I'm currently making a project with multiple series circuits to PWM control multiple LEDs. I have figured out how to make it work with a transistor, however I was curious if this way would work as well. Thanks for your help!


simulate this circuit – Schematic created using CircuitLab

  • \$\begingroup\$ How much current do you need for your LEDs? How much current can your Arduino pin supply without exceeding its limits? \$\endgroup\$
    – Andy aka
    Dec 4, 2018 at 12:55
  • \$\begingroup\$ why did you put two resistors? \$\endgroup\$ Dec 4, 2018 at 12:57
  • \$\begingroup\$ Which untermniated wire at the right is going to "To 5 volt pwm..." ? Where's the other wire going? \$\endgroup\$
    – mike65535
    Dec 4, 2018 at 13:00
  • 1
    \$\begingroup\$ Ideally, current would be (7.5V-2-2-2)/132ohm =12.2mA. However, VLo from Arduino will not be 0, but something a little higher, somewhere between 0.6 to 0.9V per page 365 of the 2018 Atmega328P datasheet. So (7.5-2-2-2-0.6)/132 = 6.8mA. What voltage does the pin see when it is an input put? Will it see 7.5V clamped to 5V by the internal clamping diodes, which are suggested to be limited to 1mA of current? \$\endgroup\$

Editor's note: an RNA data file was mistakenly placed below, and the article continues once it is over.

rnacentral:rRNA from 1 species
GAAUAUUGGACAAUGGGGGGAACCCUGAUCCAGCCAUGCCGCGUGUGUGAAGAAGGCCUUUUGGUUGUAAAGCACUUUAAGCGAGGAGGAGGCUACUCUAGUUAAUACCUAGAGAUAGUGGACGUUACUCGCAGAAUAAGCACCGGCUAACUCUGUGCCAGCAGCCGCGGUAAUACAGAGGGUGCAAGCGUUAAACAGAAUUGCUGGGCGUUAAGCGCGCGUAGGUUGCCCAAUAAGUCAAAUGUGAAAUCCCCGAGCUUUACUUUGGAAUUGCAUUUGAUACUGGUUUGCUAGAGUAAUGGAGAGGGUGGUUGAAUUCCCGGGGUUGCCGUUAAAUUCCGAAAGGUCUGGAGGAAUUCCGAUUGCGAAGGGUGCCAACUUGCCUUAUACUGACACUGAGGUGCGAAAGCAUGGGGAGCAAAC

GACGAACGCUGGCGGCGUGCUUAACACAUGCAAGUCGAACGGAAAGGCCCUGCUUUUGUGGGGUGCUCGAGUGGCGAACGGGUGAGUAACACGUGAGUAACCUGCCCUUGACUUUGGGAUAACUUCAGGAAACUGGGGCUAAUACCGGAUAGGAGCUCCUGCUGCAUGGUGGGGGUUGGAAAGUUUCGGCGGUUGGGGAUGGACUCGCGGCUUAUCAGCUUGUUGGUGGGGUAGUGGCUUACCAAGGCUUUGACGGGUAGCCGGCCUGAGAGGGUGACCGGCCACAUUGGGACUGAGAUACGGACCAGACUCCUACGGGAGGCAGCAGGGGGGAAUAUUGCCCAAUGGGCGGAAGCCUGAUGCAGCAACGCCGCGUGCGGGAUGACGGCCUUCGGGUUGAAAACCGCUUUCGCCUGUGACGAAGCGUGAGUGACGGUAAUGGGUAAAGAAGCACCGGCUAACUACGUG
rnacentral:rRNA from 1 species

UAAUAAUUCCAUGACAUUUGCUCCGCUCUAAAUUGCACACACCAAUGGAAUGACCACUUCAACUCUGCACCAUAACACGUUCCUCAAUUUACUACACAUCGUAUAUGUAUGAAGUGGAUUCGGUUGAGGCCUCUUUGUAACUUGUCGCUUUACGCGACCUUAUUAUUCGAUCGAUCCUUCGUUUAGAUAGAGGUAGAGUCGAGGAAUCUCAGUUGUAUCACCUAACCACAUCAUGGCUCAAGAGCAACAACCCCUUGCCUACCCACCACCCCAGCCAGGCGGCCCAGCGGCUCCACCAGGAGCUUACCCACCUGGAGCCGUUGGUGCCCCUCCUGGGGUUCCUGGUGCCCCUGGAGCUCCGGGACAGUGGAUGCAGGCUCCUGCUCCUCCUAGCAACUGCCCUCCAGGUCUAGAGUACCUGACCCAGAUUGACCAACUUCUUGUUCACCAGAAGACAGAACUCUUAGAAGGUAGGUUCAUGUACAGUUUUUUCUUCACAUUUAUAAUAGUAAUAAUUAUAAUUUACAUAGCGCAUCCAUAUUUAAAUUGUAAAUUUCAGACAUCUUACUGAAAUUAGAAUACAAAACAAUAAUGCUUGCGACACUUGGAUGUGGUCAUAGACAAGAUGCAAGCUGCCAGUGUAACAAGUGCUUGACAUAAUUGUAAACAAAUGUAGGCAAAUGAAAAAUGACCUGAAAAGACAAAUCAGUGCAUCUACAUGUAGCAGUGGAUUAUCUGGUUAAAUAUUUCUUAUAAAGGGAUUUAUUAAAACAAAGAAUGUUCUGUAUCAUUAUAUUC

– CrossRoads
    Dec 4, 2018 at 14:01
  • 1
    \$\begingroup\$ This is just a bad idea... even if you get away with it as the LED drops are likely sufficient (if and only if the 7.5v is never for an instant present without the Arduino's supply), you save just a few cents on a transistor or FET. \$\endgroup\$ Dec 4, 2018 at 15:25

1 Answer 1


Use the Arduino's 3.3V rather than a 7.5V supply.
Power each LED separately each with its own resistor rather than all three in series. Wire them as common cathode.
Use LEDs with high luminous efficiency to reduce the current.
Just because an LED is rated at 20 mA does not mean you have to run it at 20 mA.
With a high luminous intensity LED you can likely reduce the current to 1 mA and still have a fairly bright LED.

Use a 22,450 mcd Cree C503B at 1 mA you will still have over 1,100 mcd and the ATmega only has to sink 3 mA.

With three LEDs wired common cathode the ATmega could sink 6 mA per LED at 6,700 mcd.
If 6,700 mcd is not enough, double them the up (six LEDs) and use the 5V supply.

If you can use surface mount LEDs use Luxeon Color C, OSRAM Oslon SSL 80, or Cree XP-E.


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